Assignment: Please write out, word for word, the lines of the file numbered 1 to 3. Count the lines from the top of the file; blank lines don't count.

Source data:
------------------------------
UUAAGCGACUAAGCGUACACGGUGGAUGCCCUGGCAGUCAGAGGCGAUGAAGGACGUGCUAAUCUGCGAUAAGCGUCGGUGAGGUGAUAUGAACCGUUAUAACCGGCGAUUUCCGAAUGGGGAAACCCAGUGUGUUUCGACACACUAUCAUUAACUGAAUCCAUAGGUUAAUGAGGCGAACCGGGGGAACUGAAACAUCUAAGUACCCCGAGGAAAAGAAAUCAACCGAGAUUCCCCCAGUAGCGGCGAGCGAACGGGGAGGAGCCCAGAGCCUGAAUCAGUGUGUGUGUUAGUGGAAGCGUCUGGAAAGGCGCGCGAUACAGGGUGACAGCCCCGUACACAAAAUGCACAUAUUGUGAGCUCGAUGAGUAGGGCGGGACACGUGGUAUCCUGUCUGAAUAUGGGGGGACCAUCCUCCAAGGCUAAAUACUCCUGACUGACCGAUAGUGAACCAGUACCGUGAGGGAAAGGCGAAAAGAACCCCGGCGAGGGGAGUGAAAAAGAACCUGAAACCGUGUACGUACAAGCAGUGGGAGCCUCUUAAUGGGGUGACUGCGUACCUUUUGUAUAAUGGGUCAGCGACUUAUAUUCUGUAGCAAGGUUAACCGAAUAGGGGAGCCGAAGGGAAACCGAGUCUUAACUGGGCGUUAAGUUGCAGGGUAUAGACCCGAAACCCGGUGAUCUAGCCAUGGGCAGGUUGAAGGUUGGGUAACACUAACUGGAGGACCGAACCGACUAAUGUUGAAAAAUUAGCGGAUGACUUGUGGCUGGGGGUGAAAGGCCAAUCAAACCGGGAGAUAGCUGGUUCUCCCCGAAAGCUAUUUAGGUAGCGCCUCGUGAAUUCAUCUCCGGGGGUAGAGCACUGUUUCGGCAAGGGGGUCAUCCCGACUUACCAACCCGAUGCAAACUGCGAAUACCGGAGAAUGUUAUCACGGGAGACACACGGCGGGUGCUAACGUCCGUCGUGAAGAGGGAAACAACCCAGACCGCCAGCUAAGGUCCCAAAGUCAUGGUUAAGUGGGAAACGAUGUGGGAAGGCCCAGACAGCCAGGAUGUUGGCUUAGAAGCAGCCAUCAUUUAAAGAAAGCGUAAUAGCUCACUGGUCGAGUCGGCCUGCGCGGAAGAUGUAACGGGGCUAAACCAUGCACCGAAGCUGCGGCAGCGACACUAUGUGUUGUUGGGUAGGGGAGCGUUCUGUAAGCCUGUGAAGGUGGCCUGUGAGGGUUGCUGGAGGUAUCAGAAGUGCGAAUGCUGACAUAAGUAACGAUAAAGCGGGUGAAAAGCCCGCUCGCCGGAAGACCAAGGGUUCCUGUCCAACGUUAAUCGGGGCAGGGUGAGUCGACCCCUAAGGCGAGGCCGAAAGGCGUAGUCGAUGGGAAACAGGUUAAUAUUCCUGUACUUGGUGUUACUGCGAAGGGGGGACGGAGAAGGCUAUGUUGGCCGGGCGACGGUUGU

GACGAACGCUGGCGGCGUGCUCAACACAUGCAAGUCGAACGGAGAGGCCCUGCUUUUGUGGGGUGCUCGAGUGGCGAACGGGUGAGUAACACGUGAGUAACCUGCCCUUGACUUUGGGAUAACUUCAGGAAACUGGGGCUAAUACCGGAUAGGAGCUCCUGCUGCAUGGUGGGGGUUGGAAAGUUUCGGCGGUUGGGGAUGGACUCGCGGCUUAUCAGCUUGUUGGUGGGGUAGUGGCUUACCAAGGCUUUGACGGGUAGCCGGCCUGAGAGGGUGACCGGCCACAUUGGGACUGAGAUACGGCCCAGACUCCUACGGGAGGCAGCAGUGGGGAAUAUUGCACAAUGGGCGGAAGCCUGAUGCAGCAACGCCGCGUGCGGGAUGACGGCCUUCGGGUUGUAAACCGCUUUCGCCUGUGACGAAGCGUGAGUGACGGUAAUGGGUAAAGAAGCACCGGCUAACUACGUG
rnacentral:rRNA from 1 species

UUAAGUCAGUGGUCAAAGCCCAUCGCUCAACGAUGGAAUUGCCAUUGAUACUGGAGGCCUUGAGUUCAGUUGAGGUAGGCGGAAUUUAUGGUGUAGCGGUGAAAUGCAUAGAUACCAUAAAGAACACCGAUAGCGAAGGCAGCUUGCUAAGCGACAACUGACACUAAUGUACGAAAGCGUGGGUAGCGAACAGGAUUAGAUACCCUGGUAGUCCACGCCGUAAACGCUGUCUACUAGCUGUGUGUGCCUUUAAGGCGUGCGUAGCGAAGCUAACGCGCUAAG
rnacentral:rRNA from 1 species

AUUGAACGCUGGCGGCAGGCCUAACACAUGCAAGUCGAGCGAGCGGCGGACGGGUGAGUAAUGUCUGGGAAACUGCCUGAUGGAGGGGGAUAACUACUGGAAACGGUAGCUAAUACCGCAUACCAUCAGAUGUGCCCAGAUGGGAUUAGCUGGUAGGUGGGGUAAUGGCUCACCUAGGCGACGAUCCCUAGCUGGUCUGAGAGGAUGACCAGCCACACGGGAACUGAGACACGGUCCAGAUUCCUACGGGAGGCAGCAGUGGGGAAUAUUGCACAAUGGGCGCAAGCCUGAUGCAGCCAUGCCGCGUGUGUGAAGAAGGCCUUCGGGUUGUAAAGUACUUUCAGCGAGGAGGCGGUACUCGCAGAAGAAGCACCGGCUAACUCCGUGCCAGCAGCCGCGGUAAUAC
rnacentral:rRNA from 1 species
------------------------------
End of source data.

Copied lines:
UUAAGCGACUAAGCGUACACGGUGGAUGCCCUGGCAGUCAGAGGCGAUGAAGGACGUGCUAAUCUGCGAUAAGCGUCGGUGAGGUGAUAUGAACCGUUAUAACCGGCGAUUUCCGAAUGGGGAAACCCAGUGUGUUUCGACACACUAUCAUUAACUGAAUCCAUAGGUUAAUGAGGCGAACCGGGGGAACUGAAACAUCUAAGUACCCCGAGGAAAAGAAAUCAACCGAGAUUCCCCCAGUAGCGGCGAGCGAACGGGGAGGAGCCCAGAGCCUGAAUCAGUGUGUGUGUUAGUGGAAGCGUCUGGAAAGGCGCGCGAUACAGGGUGACAGCCCCGUACACAAAAUGCACAUAUUGUGAGCUCGAUGAGUAGGGCGGGACACGUGGUAUCCUGUCUGAAUAUGGGGGGACCAUCCUCCAAGGCUAAAUACUCCUGACUGACCGAUAGUGAACCAGUACCGUGAGGGAAAGGCGAAAAGAACCCCGGCGAGGGGAGUGAAAAAGAACCUGAAACCGUGUACGUACAAGCAGUGGGAGCCUCUUAAUGGGGUGACUGCGUACCUUUUGUAUAAUGGGUCAGCGACUUAUAUUCUGUAGCAAGGUUAACCGAAUAGGGGAGCCGAAGGGAAACCGAGUCUUAACUGGGCGUUAAGUUGCAGGGUAUAGACCCGAAACCCGGUGAUCUAGCCAUGGGCAGGUUGAAGGUUGGGUAACACUAACUGGAGGACCGAACCGACUAAUGUUGAAAAAUUAGCGGAUGACUUGUGGCUGGGGGUGAAAGGCCAAUCAAACCGGGAGAUAGCUGGUUCUCCCCGAAAGCUAUUUAGGUAGCGCCUCGUGAAUUCAUCUCCGGGGGUAGAGCACUGUUUCGGCAAGGGGGUCAUCCCGACUUACCAACCCGAUGCAAACUGCGAAUACCGGAGAAUGUUAUCACGGGAGACACACGGCGGGUGCUAACGUCCGUCGUGAAGAGGGAAACAACCCAGACCGCCAGCUAAGGUCCCAAAGUCAUGGUUAAGUGGGAAACGAUGUGGGAAGGCCCAGACAGCCAGGAUGUUGGCUUAGAAGCAGCCAUCAUUUAAAGAAAGCGUAAUAGCUCACUGGUCGAGUCGGCCUGCGCGGAAGAUGUAACGGGGCUAAACCAUGCACCGAAGCUGCGGCAGCGACACUAUGUGUUGUUGGGUAGGGGAGCGUUCUGUAAGCCUGUGAAGGUGGCCUGUGAGGGUUGCUGGAGGUAUCAGAAGUGCGAAUGCUGACAUAAGUAACGAUAAAGCGGGUGAAAAGCCCGCUCGCCGGAAGACCAAGGGUUCCUGUCCAACGUUAAUCGGGGCAGGGUGAGUCGACCCCUAAGGCGAGGCCGAAAGGCGUAGUCGAUGGGAAACAGGUUAAUAUUCCUGUACUUGGUGUUACUGCGAAGGGGGGACGGAGAAGGCUAUGUUGGCCGGGCGACGGUUGU

GACGAACGCUGGCGGCGUGCUCAACACAUGCAAGUCGAACGGAGAGGCCCUGCUUUUGUGGGGUGCUCGAGUGGCGAACGGGUGAGUAACACGUGAGUAACCUGCCCUUGACUUUGGGAUAACUUCAGGAAACUGGGGCUAAUACCGGAUAGGAGCUCCUGCUGCAUGGUGGGGGUUGGAAAGUUUCGGCGGUUGGGGAUGGACUCGCGGCUUAUCAGCUUGUUGGUGGGGUAGUGGCUUACCAAGGCUUUGACGGGUAGCCGGCCUGAGAGGGUGACCGGCCACAUUGGGACUGAGAUACGGCCCAGACUCCUACGGGAGGCAGCAGUGGGGAAUAUUGCACAAUGGGCGGAAGCCUGAUGCAGCAACGCCGCGUGCGGGAUGACGGCCUUCGGGUUGUAAACCGCUUUCGCCUGUGACGAAGCGUGAGUGACGGUAAUGGGUAAAGAAGCACCGGCUAACUACGUG
rnacentral:rRNA from 1 species